Special thanks to Tim Gayle, a jack of all trades with The Montgomery Advertiser.
PA: What is the feeling around the Alabama program and with the fans? Do they believe this team is as dominant as it has appeared the last two years?
Tim: No, they see what everyone else sees. An offense that looks dominant one game and can’t run the ball the next. A defense that looks dominant one game and out of place the next. It seems almost as if players are reading their press clippings instead of working to get better. We know their talent level is better than just about anyone but the chemistry is missing and a couple of the younger players seem to have replaced hunger with entitlement. This team looks a lot like the 2010 version. It’ll beat most of the teams on its schedule with sheer talent, but it will likely lose two or three games because it doesn’t take care of all the little things. At least, that’s the feeling at this point. There’s still time to correct that.
PA: Has the offensive line been able to absorb the loss of three NFL draft picks and perform at or near the same level?
Tim: The offensive line has struggled through some of the same problems. Ryan Kelly has more physical ability than his predecessor, Barrett Jones. Cyrus Kouandjio is an All-American. Anthony Steen should be better (although he’s been injured since the Texas A&M game). For some reason, they’re not on the same page. As a result, Alabama has struggled running the ball.
PA: A.J. McCarron has often been referred to as a “game manager.” Is that label fair, and does it bother him?
Tim: AJ doesn’t care, he says repeatedly, but you know every quarterback has an ego so I’m sure it bothers him, some. The label doesn’t fit but it’s one every quarterback in a successful “football factory” system endures. Steve Young endured it for a while, and in his first couple of years Aaron Rodgers wasn’t as highly regarded because they’re products of a successful system. If Alabama keeps winning the way it has, McCarron will get his due. It was McCarron, not a dominating defense or a punishing running attack, that beat Texas A&M and Colorado State. Alabama is winning right now because of McCarron’s ability to get the ball into the hands of the Tide’s best offensive asset, its receivers.
PA: Obviously the Texas A&M game skews the numbers a little bit, and A&M will pass on a lot of folks. What has pass defense been like against Virginia Tech and Colorado State? Will Alabama match up well with Ole Miss’ physical wide receivers?
Tim: The question of how Alabama matches up with Ole Miss’ receivers will probably be the focal point of the game. Against Texas A&M, Saban played his defense a certain way to hold down the rushing of Johnny Manziel, which left the defensive backs in one-on-one matchups. That situation will not be repeated, he has insisted several times (including this week), because the circumstances are slightly different. The results won’t be repeated, he insisted, because players will get it right or sit on the bench. Deion Belue, Alabama’s most experienced corner, was injured against Texas A&M (hence a couple of those embarrassing plays, including the 95-yard pass to Evans against his replacement) and two reserves started against Colorado State — seldom-used sophomore Bradley Slyve and true freshman Eddie Jackson. Injuries to Belue and nickel back Jarrick Williams, along with continued questions revolving around Dee Milliner’s replacement John Fulton, leave the Tide vulnerable in the secondary. For the most part, though, it’s been solid other than one Saturdayafternoon in College Station.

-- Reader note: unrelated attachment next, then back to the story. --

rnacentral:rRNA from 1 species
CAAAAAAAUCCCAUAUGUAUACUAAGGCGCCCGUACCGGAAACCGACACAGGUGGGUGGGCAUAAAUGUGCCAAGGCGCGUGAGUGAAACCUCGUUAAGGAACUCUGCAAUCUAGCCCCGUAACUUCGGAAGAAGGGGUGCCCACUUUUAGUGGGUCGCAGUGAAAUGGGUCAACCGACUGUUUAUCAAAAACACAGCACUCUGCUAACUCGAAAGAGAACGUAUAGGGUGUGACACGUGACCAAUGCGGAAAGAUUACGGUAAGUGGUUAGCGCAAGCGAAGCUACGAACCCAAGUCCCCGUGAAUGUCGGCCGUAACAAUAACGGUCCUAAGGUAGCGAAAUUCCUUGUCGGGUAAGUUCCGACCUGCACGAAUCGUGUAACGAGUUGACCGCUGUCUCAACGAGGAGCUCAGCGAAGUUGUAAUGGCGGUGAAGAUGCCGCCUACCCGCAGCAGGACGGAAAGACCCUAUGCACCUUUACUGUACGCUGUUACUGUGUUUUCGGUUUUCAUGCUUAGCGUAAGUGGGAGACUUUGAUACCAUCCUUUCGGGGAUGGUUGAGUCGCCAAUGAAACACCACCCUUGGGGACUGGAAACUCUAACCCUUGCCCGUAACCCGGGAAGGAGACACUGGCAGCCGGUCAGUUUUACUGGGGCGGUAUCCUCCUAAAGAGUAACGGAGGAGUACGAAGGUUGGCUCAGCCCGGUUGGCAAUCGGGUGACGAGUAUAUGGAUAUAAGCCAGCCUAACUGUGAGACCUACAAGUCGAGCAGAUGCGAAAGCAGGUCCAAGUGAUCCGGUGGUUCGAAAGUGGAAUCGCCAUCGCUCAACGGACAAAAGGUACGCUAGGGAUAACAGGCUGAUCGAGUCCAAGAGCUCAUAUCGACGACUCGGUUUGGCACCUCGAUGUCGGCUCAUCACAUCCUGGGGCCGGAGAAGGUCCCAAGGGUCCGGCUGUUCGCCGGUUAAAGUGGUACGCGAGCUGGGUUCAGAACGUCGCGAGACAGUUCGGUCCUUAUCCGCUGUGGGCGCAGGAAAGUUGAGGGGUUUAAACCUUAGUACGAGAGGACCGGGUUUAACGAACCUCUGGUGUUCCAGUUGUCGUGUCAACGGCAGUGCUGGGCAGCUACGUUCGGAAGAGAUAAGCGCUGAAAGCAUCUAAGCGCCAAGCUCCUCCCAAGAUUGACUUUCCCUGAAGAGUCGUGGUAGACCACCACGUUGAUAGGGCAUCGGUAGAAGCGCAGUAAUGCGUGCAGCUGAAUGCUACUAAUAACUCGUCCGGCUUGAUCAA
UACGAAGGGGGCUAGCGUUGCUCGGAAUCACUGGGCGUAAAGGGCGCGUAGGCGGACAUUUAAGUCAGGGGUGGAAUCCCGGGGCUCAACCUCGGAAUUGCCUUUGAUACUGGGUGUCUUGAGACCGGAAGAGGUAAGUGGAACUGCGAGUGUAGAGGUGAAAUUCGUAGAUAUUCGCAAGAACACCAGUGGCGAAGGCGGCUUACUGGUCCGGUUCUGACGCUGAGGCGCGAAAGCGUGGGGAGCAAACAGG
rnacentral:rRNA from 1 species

PA: Not a lot of sacks for the Tide right now. What’s going on with pass rush?
Tim: The pass rush hasn’t garnered statistics, but going up against an unknown quantity with Virginia Tech and a new coordinator and playing more of a containment style against Texas A&M, I believe, kept them from building any statistics. Brandon Ivory and Darren Lake aren’t the same as Jesse Williams, but the dropoff isn’t much. Ed Stinson returns at one DE and Jeoffrey Pagan is considered a more dominant defensive end than the two guys that played that position last year. And all of the linebackers are back, so I think it’s more a reflection of the teams they’re playing. But that unit, like all others that don’t include AJ McCarron or C.J. Mosley, has undergone intense scrutiny from fans wondering if their heart’s in it.
PA: Anything to the Saban to Texas talk or just wishful thinking from Texas fans?
Tim: Nick Saban is his own man. Money won’t lure him that many more miles away from the Lake Burton vacation home in north Georgia he’s had for a dozen years, but he probably flies there anyway, so that’s a wash. Alabama, you would think, would match anything Texas throws at him in the form of money so that’s a wash. What is Saban thinking? If you know that, you have your answer. I will say he has mellowed a little in the last couple of years and has a relatively easy relationship with the media, something he hasn’t had in the past. He’s gotten everything he has ever wanted at Alabama in the form of hires and building construction and anything else. Of course, the guys who hired him (A.D. Mal Moore) either passed away a few months ago or (president Robert Witt) were promoted to chancellor of the UA system and that may have an effect, or he may like being the big dog who can make presidents and ADs do what he wants. His wife Terry does seem genuinely content in Tuscaloosa and he stated publicly he’s too old to move any more. For whatever that’s worth. If you want the unofficial Alabama fan answer, they’re certain he’s staying put. But they’re also holding their breath.